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Old 11-15-2013, 10:09 AM   #10
Cady Goldfield
Join Date: Oct 2006
Posts: 1,025
Re: Kuzushi on contact

Budd Yuhasz wrote: View Post
Well duh, it is called Aiki (in this context harmony/joining/fitting in with applied force/power/energy) and yeah you should use whatever force is given against the other person if you're good enough
Have you been able to do that, Budd? You have been training "teh internalz" for a while now.

Budd Yuhasz wrote:
I generally subscribe to the theory that it takes a lot more conditioning and work than most people are generally willing to do so what comes is a lot of people thinking jin manipulation is the end-game working with bodies that are doing some local muscley version of it.
This is true. And it also takes sensitivity and awareness to be able to tell when someone is doing a local-muscle version, especially when there is actually some internal structure being used. I once felt a person considered high-level, but in comparison to others I'd felt who were also high-level, this guy had a certain stiffness or hardness to him that, in retrospect, I realized was muscle. He was kind of a "hybrid." This probably will end up as the status quo for a generation of new practitioners who gain some of the concepts, but not the deeper package.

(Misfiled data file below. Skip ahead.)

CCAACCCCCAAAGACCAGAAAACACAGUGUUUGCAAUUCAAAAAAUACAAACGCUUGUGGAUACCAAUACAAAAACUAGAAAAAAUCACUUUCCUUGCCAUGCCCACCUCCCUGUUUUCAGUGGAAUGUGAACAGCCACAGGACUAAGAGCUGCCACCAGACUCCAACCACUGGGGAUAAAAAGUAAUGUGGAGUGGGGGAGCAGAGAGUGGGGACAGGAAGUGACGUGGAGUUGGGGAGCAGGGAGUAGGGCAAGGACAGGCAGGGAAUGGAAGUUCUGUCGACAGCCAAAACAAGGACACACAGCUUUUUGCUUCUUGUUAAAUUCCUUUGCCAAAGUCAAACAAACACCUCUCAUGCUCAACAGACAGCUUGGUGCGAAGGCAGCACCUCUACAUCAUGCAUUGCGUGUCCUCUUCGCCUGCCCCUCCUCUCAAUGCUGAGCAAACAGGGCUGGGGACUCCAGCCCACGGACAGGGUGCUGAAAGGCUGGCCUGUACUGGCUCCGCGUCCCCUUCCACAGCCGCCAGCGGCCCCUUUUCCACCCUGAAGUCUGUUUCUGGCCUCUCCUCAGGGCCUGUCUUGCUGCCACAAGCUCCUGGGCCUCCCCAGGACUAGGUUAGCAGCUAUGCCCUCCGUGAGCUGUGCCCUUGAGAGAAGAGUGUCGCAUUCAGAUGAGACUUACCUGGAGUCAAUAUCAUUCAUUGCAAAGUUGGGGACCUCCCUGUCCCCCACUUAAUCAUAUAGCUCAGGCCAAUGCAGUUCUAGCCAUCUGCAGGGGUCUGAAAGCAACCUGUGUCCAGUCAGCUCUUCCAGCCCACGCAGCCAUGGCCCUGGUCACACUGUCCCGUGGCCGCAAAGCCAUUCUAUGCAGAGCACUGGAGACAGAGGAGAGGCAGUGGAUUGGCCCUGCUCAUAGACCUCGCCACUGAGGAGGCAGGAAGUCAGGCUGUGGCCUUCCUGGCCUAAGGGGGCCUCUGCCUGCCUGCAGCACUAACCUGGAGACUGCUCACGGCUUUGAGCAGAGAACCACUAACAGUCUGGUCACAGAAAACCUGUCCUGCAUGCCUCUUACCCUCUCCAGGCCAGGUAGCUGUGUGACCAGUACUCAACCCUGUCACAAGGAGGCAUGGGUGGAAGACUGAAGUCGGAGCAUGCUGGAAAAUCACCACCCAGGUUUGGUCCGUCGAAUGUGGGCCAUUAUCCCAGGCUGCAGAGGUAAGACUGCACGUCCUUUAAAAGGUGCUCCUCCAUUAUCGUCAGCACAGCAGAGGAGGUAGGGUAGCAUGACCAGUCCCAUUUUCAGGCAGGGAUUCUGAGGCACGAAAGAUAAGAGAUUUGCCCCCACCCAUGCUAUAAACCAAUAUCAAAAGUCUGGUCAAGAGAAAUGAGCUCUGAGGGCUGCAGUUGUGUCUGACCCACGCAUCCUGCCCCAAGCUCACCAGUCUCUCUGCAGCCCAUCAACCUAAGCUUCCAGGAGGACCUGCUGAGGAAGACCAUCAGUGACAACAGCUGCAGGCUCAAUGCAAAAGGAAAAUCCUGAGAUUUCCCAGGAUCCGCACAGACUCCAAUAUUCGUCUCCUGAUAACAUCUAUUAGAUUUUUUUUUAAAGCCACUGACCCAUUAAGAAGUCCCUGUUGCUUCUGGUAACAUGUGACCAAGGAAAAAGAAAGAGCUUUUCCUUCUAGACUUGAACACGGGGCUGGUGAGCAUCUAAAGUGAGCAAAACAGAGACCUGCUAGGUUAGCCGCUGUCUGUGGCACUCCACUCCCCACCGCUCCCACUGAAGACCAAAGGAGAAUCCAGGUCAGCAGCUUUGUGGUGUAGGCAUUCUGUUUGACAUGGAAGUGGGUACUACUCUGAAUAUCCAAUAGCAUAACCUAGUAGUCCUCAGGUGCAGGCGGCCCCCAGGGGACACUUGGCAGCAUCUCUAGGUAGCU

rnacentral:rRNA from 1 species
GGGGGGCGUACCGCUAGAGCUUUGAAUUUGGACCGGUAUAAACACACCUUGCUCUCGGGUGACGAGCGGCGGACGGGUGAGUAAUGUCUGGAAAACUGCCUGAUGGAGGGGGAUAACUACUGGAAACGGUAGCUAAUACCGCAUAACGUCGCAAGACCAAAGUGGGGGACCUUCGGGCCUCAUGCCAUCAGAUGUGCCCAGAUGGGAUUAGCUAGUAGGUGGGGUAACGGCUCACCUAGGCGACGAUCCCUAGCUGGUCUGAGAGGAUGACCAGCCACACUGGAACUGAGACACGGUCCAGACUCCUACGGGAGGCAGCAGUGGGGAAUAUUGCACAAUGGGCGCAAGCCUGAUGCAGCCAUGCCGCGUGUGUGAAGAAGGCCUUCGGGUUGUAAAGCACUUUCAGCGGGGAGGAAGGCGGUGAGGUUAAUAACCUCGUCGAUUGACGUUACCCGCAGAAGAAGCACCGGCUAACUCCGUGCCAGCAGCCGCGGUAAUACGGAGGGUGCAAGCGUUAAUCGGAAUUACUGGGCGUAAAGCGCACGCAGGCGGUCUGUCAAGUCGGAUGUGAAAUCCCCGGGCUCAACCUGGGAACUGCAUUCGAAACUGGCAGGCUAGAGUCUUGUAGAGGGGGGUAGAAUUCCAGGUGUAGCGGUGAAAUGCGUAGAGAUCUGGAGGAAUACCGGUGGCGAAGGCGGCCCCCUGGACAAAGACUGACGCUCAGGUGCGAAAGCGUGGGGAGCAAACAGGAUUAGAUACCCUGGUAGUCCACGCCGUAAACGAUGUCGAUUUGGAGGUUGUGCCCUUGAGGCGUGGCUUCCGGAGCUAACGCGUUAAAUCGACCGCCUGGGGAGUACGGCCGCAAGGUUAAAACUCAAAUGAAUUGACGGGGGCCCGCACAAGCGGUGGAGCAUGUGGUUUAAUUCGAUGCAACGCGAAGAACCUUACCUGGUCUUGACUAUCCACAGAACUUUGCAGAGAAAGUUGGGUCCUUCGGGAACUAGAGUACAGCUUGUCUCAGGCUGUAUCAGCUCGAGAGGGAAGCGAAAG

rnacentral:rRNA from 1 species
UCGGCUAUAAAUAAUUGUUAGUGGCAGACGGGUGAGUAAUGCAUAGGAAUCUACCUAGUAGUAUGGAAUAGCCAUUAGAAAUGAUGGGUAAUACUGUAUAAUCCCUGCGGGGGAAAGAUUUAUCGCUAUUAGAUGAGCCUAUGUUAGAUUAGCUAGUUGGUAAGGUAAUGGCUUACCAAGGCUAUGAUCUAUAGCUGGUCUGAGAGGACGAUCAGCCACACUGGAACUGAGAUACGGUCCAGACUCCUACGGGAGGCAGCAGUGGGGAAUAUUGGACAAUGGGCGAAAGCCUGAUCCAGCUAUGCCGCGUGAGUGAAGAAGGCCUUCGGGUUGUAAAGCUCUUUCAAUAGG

Budd Yuhasz wrote:
Kuzushi on contact is a combination of skill/conditioning/application.
Well, duh.

Budd Yuhasz wrote:
You have to do the work in the first two to enable the third, but you can "cheat" in your combination of all three to compensate for lacking in any single area. The question is how important is it to excel in all three or do you just care if the other person falls down by any means necessary?
Any amount of IP and aiki one acquires will enhance his fighting kit against anyone who has no internal training. But the honing of the internal skills across the span of a lifetime is the art, and not everyone has the discipline or desire to take it that far. IMO, it's all good, and the skill set and method are there to be experienced to whatever degree and depth one wishes. Only a relative handful will take it to the height of perceived mastery, but that's true of any discipline.
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